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2020 White House Guidelines on AI Technologies

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On January 7, 2020, the White House issued a long-awaited set of guidelines in a draft memorandum, entitled “Guidance for Regulation of Artificial Intelligence Applications,” detailing how federal agencies should use and develop Artificial Intelligence (AI) technologies.

There, Acting Director of the White House Office of Management and Budget (OMB), Russell T. Vought, set forth ten principles for the stewardship of AI applications that agencies should take into consideration when formulating regulatory and non-regulatory approaches to the “design, development, deployment, and operation of AI applications, both general and sector-specific” calling for:

  • Public trust in AI,
  • Public participation,
  • Scientific integrity and information quality,
  • Risk assessment and management,
  • Benefits and costs,
  • Flexibility,
  • Fairness and non-discrimination,
  • Disclosure and transparency,
  • Safety and security, and
  • Interagency coordination.

Further, another theme of the memorandum is regulation, advising that in managing risks and encouraging AI growth “an agency must first identify the problem it seeks to address and consider whether regulation is justified or if non-regulatory approaches are appropriate.” Additionally, the memorandum states that a regulatory analysis should begin with a “clear explanation of the need for the regulatory action, including a description of the problem that the agency seeks to address.” With AI, “agencies should explain whether the action is intended to address a market failure (e.g., asymmetric information) or address another factor, such as protecting privacy or civil liberties, preventing unlawful discrimination, or advancing the United States’ economic and national security.”

The memorandum also encourages non-regulatory approaches, which include: sector-specific policy frameworks, pilot programs and experiments, as well as voluntary consensus standards, opining that agencies “should consider relying on private-sector conformity assessment programs and activities, before proposing either regulations or compliance programs.”

 

The Trump Administration has made AI development a priority stating that “the deployment of AI holds the promise to improve safety, fairness, welfare, transparency, and other social goals.” According to the 2019 Executive Order on Maintaining American Leadership in Artificial Intelligence, “the policy of the United States Government [is] to sustain and enhance the scientific, technological, and economic leadership position of the United States in AI.”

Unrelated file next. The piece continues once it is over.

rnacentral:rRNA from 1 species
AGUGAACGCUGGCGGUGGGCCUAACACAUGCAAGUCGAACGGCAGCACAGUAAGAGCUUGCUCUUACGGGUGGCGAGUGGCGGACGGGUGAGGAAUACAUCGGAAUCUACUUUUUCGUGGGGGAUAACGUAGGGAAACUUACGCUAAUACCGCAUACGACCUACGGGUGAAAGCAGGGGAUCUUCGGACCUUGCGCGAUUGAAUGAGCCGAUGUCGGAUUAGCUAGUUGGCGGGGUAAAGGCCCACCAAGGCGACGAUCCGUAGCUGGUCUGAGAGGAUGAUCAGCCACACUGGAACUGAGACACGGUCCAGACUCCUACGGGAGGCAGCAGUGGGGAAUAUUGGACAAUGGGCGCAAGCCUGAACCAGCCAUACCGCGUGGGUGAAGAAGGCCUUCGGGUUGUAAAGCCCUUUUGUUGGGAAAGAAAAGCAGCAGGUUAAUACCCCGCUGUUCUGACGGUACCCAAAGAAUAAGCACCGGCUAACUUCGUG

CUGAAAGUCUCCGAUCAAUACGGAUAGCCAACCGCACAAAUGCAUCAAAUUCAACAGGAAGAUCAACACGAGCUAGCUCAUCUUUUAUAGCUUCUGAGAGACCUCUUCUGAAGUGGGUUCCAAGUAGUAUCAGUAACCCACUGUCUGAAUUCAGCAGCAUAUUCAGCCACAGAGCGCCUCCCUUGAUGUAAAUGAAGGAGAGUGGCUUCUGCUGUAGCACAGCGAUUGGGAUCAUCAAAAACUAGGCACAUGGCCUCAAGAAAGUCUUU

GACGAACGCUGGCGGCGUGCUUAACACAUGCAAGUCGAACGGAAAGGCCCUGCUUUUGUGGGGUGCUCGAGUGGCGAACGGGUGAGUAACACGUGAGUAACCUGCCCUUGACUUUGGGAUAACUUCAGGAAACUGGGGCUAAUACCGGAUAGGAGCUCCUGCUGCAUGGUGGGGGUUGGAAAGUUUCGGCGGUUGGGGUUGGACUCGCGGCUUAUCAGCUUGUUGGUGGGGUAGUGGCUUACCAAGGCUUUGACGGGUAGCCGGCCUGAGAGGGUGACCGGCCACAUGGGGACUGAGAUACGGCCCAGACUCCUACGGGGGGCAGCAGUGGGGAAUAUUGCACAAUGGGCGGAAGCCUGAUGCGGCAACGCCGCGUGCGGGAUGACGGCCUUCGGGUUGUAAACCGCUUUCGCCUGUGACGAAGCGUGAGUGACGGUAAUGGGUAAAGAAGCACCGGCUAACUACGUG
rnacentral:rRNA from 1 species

On this note, the Executive Order directs the Federal government to “pursue five pillars for advancing AI: (1) promote sustained AI R&D investment, (2) unleash Federal AI resources, (3) remove barriers to AI innovation, (4) empower the American worker with AI-focused education and training opportunities, and (5) promote an international environment that is supportive of American AI innovation and its responsible use.”

Investing in AI Research and Development (R&D)

AI “investments will strengthen and leverage America’s unique and vibrant R&D ecosystem of industry, academia, and government, and prioritize Federal AI spending on cutting-edge ideas that can directly benefit the American people.”

Unleashing AI Resources

“The initiative directs agencies to make Federal data, models, and computing resources more available to America’s AI R&D experts, researchers, and industries to foster public trust and increase the value of these resources to AI R&D experts, while maintaining the safety, security, civil liberties, privacy, and confidentiality protections.”

Setting AI Governance Standards

“Federal agencies will foster public trust in AI systems by establishing guidance for AI development and use across different types of technology and industrial sectors.”

Building the AI Workforce

The “AI Initiative calls for agencies to prioritize fellowship and training programs to help American workers gain AI-relevant skills through apprenticeships, skills programs, fellowships, and education in computer science and other growing Science, Technology, Engineering, and Math (STEM) fields.”

International Engagement and Protecting our AI Advantage

“Federal agencies will also develop and implement an action plan to protect the advantage of the United States in AI and technology critical to United States national and economic security interests against strategic competitors and foreign adversaries.”

According to DLA Piper, “In a January 6 call with journalists, Michael Kratsios, Chief Technology Officer of the United States, called the new initiative the ‘first of its kind’ − the first ‘binding document’ for how government agencies will regulate the emerging AI technology with all its attendant benefits, opportunities, and risks.” The European Commission is expected to announce its AI technologies regulatory plan in the coming months as well.

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Angela Habibi
Experienced associate with a Doctoral Degree in Law, an LL.M. specialization in Intellectual Property Law and a legal acumen in financial technology, international regulatory compliance (KYC/AML), on and off-shore legal bodies, acquisition diligence, export compliance, privacy, technology licensing and AI/blockchain in the U.S. and Gulf region.

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